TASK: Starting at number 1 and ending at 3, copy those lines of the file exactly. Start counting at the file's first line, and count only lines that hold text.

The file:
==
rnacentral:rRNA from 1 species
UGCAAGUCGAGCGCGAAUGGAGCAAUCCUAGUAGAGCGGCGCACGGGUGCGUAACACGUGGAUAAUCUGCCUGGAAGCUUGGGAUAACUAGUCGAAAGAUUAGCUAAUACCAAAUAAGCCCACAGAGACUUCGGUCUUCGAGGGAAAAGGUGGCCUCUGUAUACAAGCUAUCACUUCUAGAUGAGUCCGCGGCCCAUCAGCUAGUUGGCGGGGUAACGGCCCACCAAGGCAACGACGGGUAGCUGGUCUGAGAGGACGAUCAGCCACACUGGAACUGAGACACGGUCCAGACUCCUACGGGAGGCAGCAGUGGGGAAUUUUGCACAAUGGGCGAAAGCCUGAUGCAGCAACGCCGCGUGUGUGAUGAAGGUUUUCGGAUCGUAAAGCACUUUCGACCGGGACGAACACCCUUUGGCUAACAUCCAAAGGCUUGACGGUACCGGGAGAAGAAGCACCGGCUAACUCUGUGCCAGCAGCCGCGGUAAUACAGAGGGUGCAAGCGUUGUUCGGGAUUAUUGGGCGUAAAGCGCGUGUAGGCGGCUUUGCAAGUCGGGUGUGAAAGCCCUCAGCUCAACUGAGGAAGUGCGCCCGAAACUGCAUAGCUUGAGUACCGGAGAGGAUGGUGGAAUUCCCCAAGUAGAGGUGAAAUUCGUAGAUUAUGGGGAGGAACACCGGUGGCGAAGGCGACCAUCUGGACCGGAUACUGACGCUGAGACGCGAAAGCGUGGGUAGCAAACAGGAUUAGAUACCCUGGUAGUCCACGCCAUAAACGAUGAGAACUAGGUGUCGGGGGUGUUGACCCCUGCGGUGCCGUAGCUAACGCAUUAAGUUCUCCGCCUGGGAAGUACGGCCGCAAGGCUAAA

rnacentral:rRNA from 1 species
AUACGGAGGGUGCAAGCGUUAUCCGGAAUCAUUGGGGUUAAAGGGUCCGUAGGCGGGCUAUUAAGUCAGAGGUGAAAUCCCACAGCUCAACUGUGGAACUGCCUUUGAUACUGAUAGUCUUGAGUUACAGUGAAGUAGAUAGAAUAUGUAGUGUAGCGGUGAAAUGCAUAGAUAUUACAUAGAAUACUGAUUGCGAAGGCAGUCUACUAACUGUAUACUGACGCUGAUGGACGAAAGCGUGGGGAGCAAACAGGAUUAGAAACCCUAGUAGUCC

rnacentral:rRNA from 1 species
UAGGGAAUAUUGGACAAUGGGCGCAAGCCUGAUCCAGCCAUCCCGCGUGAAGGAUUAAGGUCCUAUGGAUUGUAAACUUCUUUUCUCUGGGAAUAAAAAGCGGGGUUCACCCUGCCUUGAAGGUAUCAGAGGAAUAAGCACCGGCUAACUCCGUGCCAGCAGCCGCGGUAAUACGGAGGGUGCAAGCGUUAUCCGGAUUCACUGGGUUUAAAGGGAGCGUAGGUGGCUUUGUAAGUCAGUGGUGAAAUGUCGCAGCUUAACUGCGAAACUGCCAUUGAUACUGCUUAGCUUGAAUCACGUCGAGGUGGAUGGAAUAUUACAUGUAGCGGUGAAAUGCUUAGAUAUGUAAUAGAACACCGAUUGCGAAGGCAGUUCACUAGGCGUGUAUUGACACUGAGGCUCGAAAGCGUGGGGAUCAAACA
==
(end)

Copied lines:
rnacentral:rRNA from 1 species
UGCAAGUCGAGCGCGAAUGGAGCAAUCCUAGUAGAGCGGCGCACGGGUGCGUAACACGUGGAUAAUCUGCCUGGAAGCUUGGGAUAACUAGUCGAAAGAUUAGCUAAUACCAAAUAAGCCCACAGAGACUUCGGUCUUCGAGGGAAAAGGUGGCCUCUGUAUACAAGCUAUCACUUCUAGAUGAGUCCGCGGCCCAUCAGCUAGUUGGCGGGGUAACGGCCCACCAAGGCAACGACGGGUAGCUGGUCUGAGAGGACGAUCAGCCACACUGGAACUGAGACACGGUCCAGACUCCUACGGGAGGCAGCAGUGGGGAAUUUUGCACAAUGGGCGAAAGCCUGAUGCAGCAACGCCGCGUGUGUGAUGAAGGUUUUCGGAUCGUAAAGCACUUUCGACCGGGACGAACACCCUUUGGCUAACAUCCAAAGGCUUGACGGUACCGGGAGAAGAAGCACCGGCUAACUCUGUGCCAGCAGCCGCGGUAAUACAGAGGGUGCAAGCGUUGUUCGGGAUUAUUGGGCGUAAAGCGCGUGUAGGCGGCUUUGCAAGUCGGGUGUGAAAGCCCUCAGCUCAACUGAGGAAGUGCGCCCGAAACUGCAUAGCUUGAGUACCGGAGAGGAUGGUGGAAUUCCCCAAGUAGAGGUGAAAUUCGUAGAUUAUGGGGAGGAACACCGGUGGCGAAGGCGACCAUCUGGACCGGAUACUGACGCUGAGACGCGAAAGCGUGGGUAGCAAACAGGAUUAGAUACCCUGGUAGUCCACGCCAUAAACGAUGAGAACUAGGUGUCGGGGGUGUUGACCCCUGCGGUGCCGUAGCUAACGCAUUAAGUUCUCCGCCUGGGAAGUACGGCCGCAAGGCUAAA

rnacentral:rRNA from 1 species